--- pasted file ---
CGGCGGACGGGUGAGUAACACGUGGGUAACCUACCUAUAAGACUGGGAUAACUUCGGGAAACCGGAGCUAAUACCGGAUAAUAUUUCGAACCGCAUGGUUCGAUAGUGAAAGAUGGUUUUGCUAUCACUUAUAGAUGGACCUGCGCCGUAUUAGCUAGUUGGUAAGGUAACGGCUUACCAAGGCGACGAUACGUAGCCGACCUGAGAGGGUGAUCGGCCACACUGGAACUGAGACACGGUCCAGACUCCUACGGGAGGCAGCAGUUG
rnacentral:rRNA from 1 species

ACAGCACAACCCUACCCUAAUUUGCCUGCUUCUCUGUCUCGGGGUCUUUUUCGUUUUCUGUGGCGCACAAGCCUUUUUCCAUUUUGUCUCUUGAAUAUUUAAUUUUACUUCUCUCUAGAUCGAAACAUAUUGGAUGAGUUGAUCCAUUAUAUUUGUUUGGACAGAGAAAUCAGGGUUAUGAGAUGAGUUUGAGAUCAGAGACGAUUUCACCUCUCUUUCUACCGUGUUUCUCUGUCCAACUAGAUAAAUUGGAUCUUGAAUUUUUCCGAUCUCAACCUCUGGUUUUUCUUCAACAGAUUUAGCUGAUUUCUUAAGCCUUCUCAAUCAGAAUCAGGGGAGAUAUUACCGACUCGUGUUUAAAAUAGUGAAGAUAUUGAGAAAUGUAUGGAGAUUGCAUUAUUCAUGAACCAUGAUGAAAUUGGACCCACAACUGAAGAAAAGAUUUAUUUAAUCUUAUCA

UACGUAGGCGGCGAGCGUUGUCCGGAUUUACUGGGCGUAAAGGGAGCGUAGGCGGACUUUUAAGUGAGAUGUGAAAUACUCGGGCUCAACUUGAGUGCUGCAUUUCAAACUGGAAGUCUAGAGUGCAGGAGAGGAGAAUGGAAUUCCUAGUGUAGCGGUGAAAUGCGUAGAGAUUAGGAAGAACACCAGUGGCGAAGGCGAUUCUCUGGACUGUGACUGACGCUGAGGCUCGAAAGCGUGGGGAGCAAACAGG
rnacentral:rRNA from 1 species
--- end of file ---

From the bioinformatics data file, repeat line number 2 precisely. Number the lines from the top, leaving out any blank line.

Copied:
rnacentral:rRNA from 1 species